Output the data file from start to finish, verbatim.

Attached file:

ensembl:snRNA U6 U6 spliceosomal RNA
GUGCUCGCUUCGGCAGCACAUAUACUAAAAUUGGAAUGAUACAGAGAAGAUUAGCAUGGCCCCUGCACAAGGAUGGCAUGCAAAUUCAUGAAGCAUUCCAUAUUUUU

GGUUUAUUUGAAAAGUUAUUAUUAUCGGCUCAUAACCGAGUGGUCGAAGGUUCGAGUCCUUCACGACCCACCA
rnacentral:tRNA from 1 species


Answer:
ensembl:snRNA U6 U6 spliceosomal RNA
GUGCUCGCUUCGGCAGCACAUAUACUAAAAUUGGAAUGAUACAGAGAAGAUUAGCAUGGCCCCUGCACAAGGAUGGCAUGCAAAUUCAUGAAGCAUUCCAUAUUUUU

GGUUUAUUUGAAAAGUUAUUAUUAUCGGCUCAUAACCGAGUGGUCGAAGGUUCGAGUCCUUCACGACCCACCA
rnacentral:tRNA from 1 species